Wikipedia talk:Flow

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Vanilla idea[edit]

I know that this is extremely vanilla, but should we activate it on the Signpost or WikiProject newsletters for commenting? It would be similar to existing systems of social participation/engagement. Discuss-Dubious (t/c) 16:44, 17 May 2016 (UTC)

No. Wikipedia is an encyclopedia where the purpose is to edit articles. BTW, those watching this page may like to know that the rumors of Flow's death have apparently been exaggerated as a page at nowiki that I watched has recently been converted to Flow, and I get excited notifications here, whenever a change happens there. Johnuniq (talk) 23:44, 17 May 2016 (UTC)
I don't really understand your objection. I don't understand how a comment system affecting a few pages like this would go against the purpose of the encyclopedia anymore than they already are by simply existing. Are you saying it would eat up more time than they already do? Can you draw the line connecting these points for me? Discuss-Dubious (t/c) 01:08, 18 May 2016 (UTC)
Why would anyone able to edit articles want to use a different system to edit a comment? How do you use a link/template/whatever? How do you see an old revision or revert spam? The current system makes it exactly the same as every other edit! If people can't chat using wikitext they are welcome to use Facebook or whatever interests them. Some improvements to how MediaWiki operates on talk pages might be good, but throwing it all out and creating a new system is pointless. Johnuniq (talk) 03:54, 18 May 2016 (UTC)
I had no idea what your leanings were. I agree with the reasons myself. I'm not saying that we should use it on talk pages. I'm saying that if they want to use it, then VG newsletters and the Signpost are a reasonable place, but not if it is a slippery slope to all articles. Frankly, I prefer the current method of editing talk pages and agree with your concerns. Discuss-Dubious (t/c) 16:26, 18 May 2016 (UTC)
I don't really have skin in the game (to be brutally honest I don't particularly like flow though I've certainly used it many places and find it usable) there are definetly some good reasons people could want a different system. The reality is that MediaWiki itself is designed to write Wikipedia articles and long form pages in general. It's not designed for conversation or chat. We've hacked together systems such as indention that many of us are used to but it's still not designed for that. Flow (for both it's good and bad qualities) IS designed for that and I can completely understand someone wanting to use 1 system (wikitext) for what it's designed for (articles) and 1 system (flow) for what it's designed for (conversation). James of UR (talk) 06:35, 18 May 2016 (UTC)
I honestly understand and agree with his reasoning, but I figured, if they really want this, they can put it where it can do least harm and feel most natural. Discuss-Dubious (t/c) 17:43, 18 May 2016 (UTC)
Putting Flow on a few pages where "it can do the least harm" is a rather poor case for actually doing it, chuckle. There's an inherent downside to having one system for 99.999% of all pages, and a second system for 0.0001% of pages. It's a very poor "compromise" just for the sake of offering some token compromise. The WMF has zero interest in deploying Flow on 0.0001% of pages.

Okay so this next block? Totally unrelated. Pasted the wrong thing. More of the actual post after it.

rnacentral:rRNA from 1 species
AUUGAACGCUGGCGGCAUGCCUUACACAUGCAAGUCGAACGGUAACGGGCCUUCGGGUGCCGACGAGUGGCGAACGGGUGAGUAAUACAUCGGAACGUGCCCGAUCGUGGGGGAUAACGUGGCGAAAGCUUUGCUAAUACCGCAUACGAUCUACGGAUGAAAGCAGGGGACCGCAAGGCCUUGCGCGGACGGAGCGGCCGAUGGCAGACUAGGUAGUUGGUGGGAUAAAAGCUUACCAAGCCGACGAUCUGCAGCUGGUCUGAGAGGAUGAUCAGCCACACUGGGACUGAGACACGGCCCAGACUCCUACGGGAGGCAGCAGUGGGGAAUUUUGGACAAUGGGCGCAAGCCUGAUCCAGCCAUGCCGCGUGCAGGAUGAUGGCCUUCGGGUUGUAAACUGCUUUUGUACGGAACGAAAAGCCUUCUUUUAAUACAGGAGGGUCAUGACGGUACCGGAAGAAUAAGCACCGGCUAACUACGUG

The big problem is that Flow is intended to eliminate all our talk pages, Flow is designed to be a chat board, and it's utterly utterly unsuitable to wiki work. Flow is a preview of their plans for article pages as well. Flow doesn't actually use wikitext. It lets you put in wikitext, it literally throws your wikitext away and translates it into something else, and whenever you ask to see "the wikitext" it invents new, fictional, mangled, wikitext to show you. The entire underlying system is a god-awful kludge and it's broken as hell. If you save and re-edit, it translates back to invents new (often mangled) fictional wikitext. Merely clicking back and forth with the preview button can mangle what you typed in, and clicking preview and back a second time can re-mangle it even further. It can delete tags from your wikitext and mangle the rendered page. That's how broken the system is. The translator is called Parasoid, and WMF literally plans to do the same thing for article pages. The vision is move everything off wikitext, to make Visual Editor the editor, to make Flow-chat-boards the talk pages, and only to maintain fictional wikitext support via the Parasoid translator. If you edit an article in wikitext it will throw the wikitext away, and when you try to look at it again it invents new, mangled, fictional wikitext for the page. I've run into so many Flow bugs that I just plain stopped reporting them. There's literally negative value in diverting valuable programmer-hours continue working on it. Alsee (talk) 04:00, 19 May 2016 (UTC)
I see. I'll take your words for it. You make a good case for throwing the idea out entirely. Discuss-Dubious (t/c) 02:04, 22 May 2016 (UTC)